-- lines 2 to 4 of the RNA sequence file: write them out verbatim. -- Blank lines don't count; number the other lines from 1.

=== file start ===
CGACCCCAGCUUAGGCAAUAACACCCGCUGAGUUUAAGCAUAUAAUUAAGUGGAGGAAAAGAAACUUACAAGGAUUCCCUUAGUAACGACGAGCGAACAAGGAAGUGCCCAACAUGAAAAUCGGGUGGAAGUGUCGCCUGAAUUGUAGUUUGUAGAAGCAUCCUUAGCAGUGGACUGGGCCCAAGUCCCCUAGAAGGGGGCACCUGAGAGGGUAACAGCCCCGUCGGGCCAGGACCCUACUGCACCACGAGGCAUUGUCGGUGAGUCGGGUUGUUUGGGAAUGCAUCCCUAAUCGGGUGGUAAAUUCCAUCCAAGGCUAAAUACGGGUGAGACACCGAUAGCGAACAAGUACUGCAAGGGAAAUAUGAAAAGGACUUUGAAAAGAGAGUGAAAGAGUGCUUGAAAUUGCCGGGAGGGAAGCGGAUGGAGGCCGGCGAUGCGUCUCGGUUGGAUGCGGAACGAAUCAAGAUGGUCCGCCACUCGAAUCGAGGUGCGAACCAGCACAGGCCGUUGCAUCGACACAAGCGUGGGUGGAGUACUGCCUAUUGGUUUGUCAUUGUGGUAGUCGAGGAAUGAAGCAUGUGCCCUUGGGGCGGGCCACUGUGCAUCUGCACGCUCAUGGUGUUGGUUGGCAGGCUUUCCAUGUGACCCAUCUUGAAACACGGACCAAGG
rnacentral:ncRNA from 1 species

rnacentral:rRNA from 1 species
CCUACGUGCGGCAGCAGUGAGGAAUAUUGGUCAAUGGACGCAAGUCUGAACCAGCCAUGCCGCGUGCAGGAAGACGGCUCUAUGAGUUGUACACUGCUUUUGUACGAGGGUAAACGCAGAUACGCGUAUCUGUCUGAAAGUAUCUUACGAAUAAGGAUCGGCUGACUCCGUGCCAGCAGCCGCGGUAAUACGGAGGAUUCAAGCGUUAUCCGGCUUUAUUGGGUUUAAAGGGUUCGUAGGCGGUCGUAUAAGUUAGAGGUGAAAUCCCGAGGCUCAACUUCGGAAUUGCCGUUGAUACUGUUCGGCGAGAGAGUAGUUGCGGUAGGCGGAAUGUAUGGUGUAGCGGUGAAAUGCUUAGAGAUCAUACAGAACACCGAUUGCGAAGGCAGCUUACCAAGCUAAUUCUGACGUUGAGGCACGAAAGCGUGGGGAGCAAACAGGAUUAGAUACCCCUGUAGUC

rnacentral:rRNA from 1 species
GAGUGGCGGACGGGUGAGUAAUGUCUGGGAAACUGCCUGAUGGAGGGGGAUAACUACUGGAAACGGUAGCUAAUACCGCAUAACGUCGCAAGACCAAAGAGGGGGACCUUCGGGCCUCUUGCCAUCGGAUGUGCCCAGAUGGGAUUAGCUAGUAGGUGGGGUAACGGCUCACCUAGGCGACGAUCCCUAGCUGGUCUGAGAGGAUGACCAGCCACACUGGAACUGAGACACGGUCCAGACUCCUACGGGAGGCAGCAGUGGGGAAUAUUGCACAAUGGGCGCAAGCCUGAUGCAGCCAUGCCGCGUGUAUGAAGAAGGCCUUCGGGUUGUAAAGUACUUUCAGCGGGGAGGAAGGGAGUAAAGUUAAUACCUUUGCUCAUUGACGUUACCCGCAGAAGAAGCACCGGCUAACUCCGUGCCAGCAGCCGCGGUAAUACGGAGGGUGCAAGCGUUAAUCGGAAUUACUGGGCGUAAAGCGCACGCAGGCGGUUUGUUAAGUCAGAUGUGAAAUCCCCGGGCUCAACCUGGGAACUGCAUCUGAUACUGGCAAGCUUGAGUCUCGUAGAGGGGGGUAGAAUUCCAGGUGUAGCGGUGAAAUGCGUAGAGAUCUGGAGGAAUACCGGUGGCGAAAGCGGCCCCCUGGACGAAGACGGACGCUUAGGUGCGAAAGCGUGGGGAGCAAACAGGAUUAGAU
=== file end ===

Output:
rnacentral:ncRNA from 1 species

rnacentral:rRNA from 1 species
CCUACGUGCGGCAGCAGUGAGGAAUAUUGGUCAAUGGACGCAAGUCUGAACCAGCCAUGCCGCGUGCAGGAAGACGGCUCUAUGAGUUGUACACUGCUUUUGUACGAGGGUAAACGCAGAUACGCGUAUCUGUCUGAAAGUAUCUUACGAAUAAGGAUCGGCUGACUCCGUGCCAGCAGCCGCGGUAAUACGGAGGAUUCAAGCGUUAUCCGGCUUUAUUGGGUUUAAAGGGUUCGUAGGCGGUCGUAUAAGUUAGAGGUGAAAUCCCGAGGCUCAACUUCGGAAUUGCCGUUGAUACUGUUCGGCGAGAGAGUAGUUGCGGUAGGCGGAAUGUAUGGUGUAGCGGUGAAAUGCUUAGAGAUCAUACAGAACACCGAUUGCGAAGGCAGCUUACCAAGCUAAUUCUGACGUUGAGGCACGAAAGCGUGGGGAGCAAACAGGAUUAGAUACCCCUGUAGUC